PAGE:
Is Mr. Parker The Father Of American Karate?

Originally posted by kenpo3631

I always though Mr. Parker was the Father of American Kenpo and Robert Trias was the Father of Karate in America....

I'm sooooooooooooo confused....:confused: :rofl:


Then stay confused, because you are right!

Dave
:cool:
 
Originally posted by Klondike93

I think if you read some more about Mr. Parker he said he hated having used the term "Karate" but did so because so many knew what it was.:asian:


I have heard from somewhere that his original school had a JUDO sign over it. Because everyone knew what Judo was, but weren't sure what karate was.

--Dave

:asian:
 
I have heard from somewhere that his original school had a JUDO sign over it. Because everyone knew what Judo was, but weren't sure what karate was.

The sign above the room we have class in says "Table Tennis," I wonder what that says about us ^_^;

Honestly, though, when discussing Kempo with friends who have absolutely *no* knowledge in the martial arts, I've found that few of them know what Kempo is (I've even gotten, "Kempo....isnt' that a card game?" more than once 竅_竅). So, I usually revert to saying "the martial art that I take." Similar experiences, anyone?
 
I take BJJ. I tell people it's 'wrestling' if they know nothing about the martial arts, 'judo' if they have a passing familiarity, and 'BJJ, the art they use in the UFC' as I move on up. Yes even the last is an oversimplification!

For Modern Arnis I say 'Filipino stick-fighting' even though it's more than just that.
 
Here is an article about American Kenpo

by
Ron Chap矇l, Ph.D.
& Ed Parker Sr.

This is a question that many people are now starting to ask. As people begin to entertain the possibility there is more to American Kenpo than they have previously been exposed to, many questions come to mind. The primary one seems to be, What is Motion Kenpo?

Simply put Motion Kenpo is what The American Kenpo community is currently teaching and practicing. Motion Kenpo is the concept Ed Parker spread throughout the world and taught to most of his students. There is a mistaken belief however, he was teaching the Ed Parker American Kenpo System. Almost all American Kenpo Ranks awarded directly by Ed Parker are in Motion Kenpo. This is not a bad thing. All systems have to have a beginning base of knowledge upon which to build. Mr. Parker used the term system all the time, because this was what he was working toward, and in fact Motion Kenpo is the beginning of the first part of that system.

Motion Kenpo is a stand alone concept that is complex, demanding, and effective. Those who have reached Motion Kenpo mastery have no need to move to other levels of Kenpo unless, by choice, they decide to build upon what they have already learned.

To understand why Motion Kenpo exists, you must understand the evolution process of American Kenpo in general. Early on in His development of American Kenpo, Mr. Parker made a conscious decision to not teach more advanced material. The reasons why, were many. First of all, the so-called "System" itself was not sufficiently evolved. Second, what was available, he didnt want to teach to students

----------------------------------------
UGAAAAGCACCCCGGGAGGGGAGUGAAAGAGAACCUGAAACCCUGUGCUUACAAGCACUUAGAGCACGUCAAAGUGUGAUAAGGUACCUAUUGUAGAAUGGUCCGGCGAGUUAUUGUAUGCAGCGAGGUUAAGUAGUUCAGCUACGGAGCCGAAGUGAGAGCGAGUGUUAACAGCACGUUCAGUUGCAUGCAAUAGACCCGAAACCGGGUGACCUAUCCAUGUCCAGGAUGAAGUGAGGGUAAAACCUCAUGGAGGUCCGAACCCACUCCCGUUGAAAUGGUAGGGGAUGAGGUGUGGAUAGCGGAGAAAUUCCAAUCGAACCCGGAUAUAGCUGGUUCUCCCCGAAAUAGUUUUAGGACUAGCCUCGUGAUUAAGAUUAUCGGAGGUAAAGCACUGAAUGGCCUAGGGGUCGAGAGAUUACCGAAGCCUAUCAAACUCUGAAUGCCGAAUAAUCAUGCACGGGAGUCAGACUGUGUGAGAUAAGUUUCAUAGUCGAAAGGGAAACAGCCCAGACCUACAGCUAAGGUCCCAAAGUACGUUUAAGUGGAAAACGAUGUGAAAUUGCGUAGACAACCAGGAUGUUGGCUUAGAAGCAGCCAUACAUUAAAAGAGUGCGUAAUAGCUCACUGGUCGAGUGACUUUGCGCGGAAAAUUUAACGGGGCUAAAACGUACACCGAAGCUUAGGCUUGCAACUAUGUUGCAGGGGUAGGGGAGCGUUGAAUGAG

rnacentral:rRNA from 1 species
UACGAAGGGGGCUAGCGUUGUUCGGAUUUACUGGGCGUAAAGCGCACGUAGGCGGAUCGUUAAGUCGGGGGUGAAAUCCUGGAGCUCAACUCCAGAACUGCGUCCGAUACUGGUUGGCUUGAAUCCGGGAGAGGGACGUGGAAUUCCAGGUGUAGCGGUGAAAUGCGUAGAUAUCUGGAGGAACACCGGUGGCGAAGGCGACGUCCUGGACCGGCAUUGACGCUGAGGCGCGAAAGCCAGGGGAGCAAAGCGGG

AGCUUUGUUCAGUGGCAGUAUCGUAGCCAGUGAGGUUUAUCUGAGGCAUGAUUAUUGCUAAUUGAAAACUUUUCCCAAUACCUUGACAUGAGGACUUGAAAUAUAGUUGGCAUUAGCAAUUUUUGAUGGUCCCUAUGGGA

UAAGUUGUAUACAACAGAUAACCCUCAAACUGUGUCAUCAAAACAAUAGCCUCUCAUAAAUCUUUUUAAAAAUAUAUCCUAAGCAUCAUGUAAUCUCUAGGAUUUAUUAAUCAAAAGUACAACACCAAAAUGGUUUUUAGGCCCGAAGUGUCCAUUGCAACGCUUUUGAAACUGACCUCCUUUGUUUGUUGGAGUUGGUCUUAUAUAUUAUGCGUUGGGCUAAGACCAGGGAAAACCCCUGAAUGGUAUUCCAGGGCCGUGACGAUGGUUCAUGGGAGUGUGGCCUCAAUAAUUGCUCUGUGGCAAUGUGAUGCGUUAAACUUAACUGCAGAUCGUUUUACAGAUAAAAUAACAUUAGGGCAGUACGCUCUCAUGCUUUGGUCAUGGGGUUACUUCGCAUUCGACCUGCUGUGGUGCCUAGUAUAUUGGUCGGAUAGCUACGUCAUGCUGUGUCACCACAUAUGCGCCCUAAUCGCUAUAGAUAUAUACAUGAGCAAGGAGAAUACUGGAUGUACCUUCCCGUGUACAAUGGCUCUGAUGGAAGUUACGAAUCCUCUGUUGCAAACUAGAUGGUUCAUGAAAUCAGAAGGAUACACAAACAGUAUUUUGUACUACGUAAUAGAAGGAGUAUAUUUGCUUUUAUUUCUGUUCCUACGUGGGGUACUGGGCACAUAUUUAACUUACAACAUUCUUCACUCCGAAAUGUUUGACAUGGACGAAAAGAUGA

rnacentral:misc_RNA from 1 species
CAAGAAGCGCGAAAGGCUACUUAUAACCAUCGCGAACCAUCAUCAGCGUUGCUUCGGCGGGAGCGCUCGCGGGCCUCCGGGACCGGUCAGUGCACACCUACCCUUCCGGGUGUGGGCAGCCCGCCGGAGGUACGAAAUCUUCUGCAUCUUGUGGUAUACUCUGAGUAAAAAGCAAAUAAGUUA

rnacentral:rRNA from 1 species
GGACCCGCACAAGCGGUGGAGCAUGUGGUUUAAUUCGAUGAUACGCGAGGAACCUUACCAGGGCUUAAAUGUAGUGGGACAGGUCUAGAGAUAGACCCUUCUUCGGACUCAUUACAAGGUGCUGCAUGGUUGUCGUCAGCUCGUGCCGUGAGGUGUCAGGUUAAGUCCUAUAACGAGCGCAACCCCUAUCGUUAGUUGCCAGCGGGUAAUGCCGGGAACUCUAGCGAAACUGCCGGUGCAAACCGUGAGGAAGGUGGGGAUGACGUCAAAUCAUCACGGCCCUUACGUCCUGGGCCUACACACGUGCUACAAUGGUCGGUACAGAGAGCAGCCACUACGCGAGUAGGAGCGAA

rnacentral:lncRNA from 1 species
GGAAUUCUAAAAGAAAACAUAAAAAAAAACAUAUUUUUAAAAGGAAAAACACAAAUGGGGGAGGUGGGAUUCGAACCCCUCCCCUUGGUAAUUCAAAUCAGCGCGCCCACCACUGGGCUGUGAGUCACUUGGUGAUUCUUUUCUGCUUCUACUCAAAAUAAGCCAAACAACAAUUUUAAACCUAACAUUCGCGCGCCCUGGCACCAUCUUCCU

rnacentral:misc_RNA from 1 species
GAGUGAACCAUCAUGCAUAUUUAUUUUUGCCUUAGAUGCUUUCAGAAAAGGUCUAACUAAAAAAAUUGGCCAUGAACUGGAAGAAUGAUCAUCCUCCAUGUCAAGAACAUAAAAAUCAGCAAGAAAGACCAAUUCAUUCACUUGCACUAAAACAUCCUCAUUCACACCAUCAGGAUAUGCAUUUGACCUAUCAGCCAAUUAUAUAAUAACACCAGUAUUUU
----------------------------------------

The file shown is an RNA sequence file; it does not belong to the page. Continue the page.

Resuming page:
without an ongoing personal relationship. This was difficult because the majority of His Students were spread all over the world, and the ones that werent, he still didnt want to teach without some method of modifying the extreme destructive nature of what he knew.

He also realized above everything else, teaching specific techniques would be impossible. There was no way to teach a student a specific "move for move" technique without his consistent presence to mold the student in correct basics and the finer points of precise execution.

With the discovery of Reverse Motion in the sixties, Ed Parker found a vehicle he could utilize to spread his ideas. In this concept, there was no need to be specific in techniques. Motion Kenpo was born. Although he started with the idea of spreading the Ed Parker American Kenpo System, ultimately he realized the task was too large, and allowed Motion Kenpo to stand alone as a workable concept, which it does to this day.

Now you know why Mr. Parker encouraged personal interpretations. In this way, "Motion Kenpo" is very similar to Bruce Lees Concept of Jeet Kune Do. Mr. Parker had a great deal of influence in the creation of this concept when Bruce lived with him in the sixties. Mr. Parker convinced Bruce to leave the confines of his very restrictive Wing Chun in favor of a more eclectic method that borrowed upon all of his experiences. Mr. Parker knew Bruce needed a more dynamic presentation for Motion pictures. (No pun) Jeet Kune Do as a concept, is about drawing upon the totality of your martial arts experience in conjunction with certain principles, to create your own method and manner of fighting, that ultimately worked for you as an individual.